“We face enormous challenges fighting human trafficking because most victims are not easily identified,” said Ruth Silver Taube, Legal Services Chair of the South Bay Coalition to End Human Trafficking. “Forging collaborations with law enforcement, community organizations, and legal representatives have enabled the South Bay Coalition to develop coordinated responses, direct resources to survivors, and bring perpetrators to justice.”
California has taken a strong stance against human trafficking with the passage of Proposition 35, which increased penalties against traffickers.
While most criminal investigations in California are sex trafficking cases (56%), labor trafficking cases are reportedly 3.5 times as prevalent. Many times labor trafficking cases present themselves to victim service providers and not law enforcement.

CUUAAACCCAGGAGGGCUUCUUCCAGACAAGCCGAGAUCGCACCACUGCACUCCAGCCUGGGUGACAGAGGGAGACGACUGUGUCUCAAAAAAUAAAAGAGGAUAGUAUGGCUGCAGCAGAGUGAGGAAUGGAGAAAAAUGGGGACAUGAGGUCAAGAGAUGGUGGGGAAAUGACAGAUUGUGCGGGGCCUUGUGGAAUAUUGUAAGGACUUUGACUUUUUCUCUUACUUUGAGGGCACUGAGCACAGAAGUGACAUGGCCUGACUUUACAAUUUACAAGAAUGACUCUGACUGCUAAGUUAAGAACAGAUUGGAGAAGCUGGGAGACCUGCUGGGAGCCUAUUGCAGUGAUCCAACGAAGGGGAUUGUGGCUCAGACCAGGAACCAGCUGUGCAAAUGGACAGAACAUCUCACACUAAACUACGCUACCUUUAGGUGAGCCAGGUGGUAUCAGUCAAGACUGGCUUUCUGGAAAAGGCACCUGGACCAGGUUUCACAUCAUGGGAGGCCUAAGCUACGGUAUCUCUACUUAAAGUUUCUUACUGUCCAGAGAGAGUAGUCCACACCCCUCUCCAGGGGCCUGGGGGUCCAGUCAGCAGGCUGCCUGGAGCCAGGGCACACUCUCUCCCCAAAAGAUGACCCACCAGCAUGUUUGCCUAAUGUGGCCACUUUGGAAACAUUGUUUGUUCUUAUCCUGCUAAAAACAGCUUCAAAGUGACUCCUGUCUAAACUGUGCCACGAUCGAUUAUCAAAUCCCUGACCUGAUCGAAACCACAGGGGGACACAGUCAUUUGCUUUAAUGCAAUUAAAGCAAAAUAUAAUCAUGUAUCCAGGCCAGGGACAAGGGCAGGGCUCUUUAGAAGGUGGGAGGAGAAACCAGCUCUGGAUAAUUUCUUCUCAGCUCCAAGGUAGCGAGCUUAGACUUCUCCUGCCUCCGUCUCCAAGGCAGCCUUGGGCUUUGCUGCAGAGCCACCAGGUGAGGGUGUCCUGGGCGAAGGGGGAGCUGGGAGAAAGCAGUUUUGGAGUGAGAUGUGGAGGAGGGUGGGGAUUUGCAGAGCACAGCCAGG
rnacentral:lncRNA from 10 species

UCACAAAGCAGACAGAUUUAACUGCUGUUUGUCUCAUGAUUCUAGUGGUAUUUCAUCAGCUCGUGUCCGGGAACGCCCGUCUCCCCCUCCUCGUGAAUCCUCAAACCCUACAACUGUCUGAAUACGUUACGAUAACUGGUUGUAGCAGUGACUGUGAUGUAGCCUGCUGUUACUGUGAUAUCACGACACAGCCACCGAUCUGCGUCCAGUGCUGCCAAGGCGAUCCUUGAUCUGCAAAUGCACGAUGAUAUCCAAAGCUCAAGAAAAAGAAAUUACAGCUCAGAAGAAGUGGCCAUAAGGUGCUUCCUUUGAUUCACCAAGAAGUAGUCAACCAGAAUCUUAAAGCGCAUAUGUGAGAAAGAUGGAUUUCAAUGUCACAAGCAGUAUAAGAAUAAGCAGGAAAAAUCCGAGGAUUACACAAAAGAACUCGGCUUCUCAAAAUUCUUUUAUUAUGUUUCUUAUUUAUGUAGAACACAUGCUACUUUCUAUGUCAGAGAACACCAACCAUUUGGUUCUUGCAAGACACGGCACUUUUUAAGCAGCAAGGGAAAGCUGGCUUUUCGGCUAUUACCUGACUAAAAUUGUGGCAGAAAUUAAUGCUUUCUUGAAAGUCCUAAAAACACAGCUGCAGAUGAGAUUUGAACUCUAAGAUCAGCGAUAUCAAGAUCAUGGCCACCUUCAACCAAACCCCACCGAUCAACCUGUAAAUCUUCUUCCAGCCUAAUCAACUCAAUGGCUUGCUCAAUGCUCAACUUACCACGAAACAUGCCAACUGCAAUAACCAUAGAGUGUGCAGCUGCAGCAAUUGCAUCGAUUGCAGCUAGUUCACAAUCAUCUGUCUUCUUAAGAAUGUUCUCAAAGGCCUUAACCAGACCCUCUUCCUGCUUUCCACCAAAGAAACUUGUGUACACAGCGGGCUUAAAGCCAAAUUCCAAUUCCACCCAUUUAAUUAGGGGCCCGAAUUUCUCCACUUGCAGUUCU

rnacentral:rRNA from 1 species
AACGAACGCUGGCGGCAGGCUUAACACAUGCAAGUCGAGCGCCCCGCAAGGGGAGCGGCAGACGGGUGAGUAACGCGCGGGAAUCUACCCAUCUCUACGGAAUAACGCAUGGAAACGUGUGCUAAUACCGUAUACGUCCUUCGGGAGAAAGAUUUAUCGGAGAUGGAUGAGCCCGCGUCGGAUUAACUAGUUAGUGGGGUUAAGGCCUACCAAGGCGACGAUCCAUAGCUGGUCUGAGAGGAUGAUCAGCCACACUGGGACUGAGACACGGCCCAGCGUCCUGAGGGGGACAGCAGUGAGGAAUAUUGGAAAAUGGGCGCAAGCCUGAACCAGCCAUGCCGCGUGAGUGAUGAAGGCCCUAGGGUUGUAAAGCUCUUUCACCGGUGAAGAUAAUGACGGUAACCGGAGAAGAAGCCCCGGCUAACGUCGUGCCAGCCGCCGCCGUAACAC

Over the past year, the San Jose Police Department’s Human Trafficking Task Force has investigated or assisted in the investigation of 37 cases of human trafficking; most involve the commercial sexual exploitation of children (CSEC). In Santa Clara County cases range from an elderly woman kept as a slave in a nursing home to a homeless man forced to beg on the streets and turn over his proceeds or face violence. Sex trafficking cases tend to be high profile cases. In 2012, The Santa Clara County District Attorney’s Office issued 18 sex trafficking cases, involving a total of 21 victims and 45 offenders.
Human Trafficking Facts
According to the United Nations, human trafficking is the process by which a person is recruited, controlled, and held captive for the purpose of exploitation. In the United States, Human trafficking became a federal crime under the Trafficking Victims Protection Act of 2000 and is investigated primarily by the Federal Bureau of Investigation and Immigration and Customs Enforcement, ICE. Reports from the United Nation’s International Labor Organization and the U.S. Department of Justice indicate that:
· There are 20.9 million victims of trafficking and human slavery throughout the world.